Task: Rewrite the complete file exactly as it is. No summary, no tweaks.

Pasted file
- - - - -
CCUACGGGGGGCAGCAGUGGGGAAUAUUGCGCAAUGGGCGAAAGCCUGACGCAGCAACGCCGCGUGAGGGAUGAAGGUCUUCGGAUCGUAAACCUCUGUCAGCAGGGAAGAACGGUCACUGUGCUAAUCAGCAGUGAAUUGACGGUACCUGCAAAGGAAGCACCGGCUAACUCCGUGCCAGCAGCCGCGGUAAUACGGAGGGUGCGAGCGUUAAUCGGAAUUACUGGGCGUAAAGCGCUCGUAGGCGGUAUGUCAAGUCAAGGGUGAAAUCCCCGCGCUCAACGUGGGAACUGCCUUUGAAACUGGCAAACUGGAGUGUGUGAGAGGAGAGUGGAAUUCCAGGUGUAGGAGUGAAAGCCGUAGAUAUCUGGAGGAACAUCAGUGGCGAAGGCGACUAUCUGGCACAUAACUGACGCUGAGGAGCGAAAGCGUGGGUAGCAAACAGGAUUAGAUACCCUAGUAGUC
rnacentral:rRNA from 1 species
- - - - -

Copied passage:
CCUACGGGGGGCAGCAGUGGGGAAUAUUGCGCAAUGGGCGAAAGCCUGACGCAGCAACGCCGCGUGAGGGAUGAAGGUCUUCGGAUCGUAAACCUCUGUCAGCAGGGAAGAACGGUCACUGUGCUAAUCAGCAGUGAAUUGACGGUACCUGCAAAGGAAGCACCGGCUAACUCCGUGCCAGCAGCCGCGGUAAUACGGAGGGUGCGAGCGUUAAUCGGAAUUACUGGGCGUAAAGCGCUCGUAGGCGGUAUGUCAAGUCAAGGGUGAAAUCCCCGCGCUCAACGUGGGAACUGCCUUUGAAACUGGCAAACUGGAGUGUGUGAGAGGAGAGUGGAAUUCCAGGUGUAGGAGUGAAAGCCGUAGAUAUCUGGAGGAACAUCAGUGGCGAAGGCGACUAUCUGGCACAUAACUGACGCUGAGGAGCGAAAGCGUGGGUAGCAAACAGGAUUAGAUACCCUAGUAGUC
rnacentral:rRNA from 1 species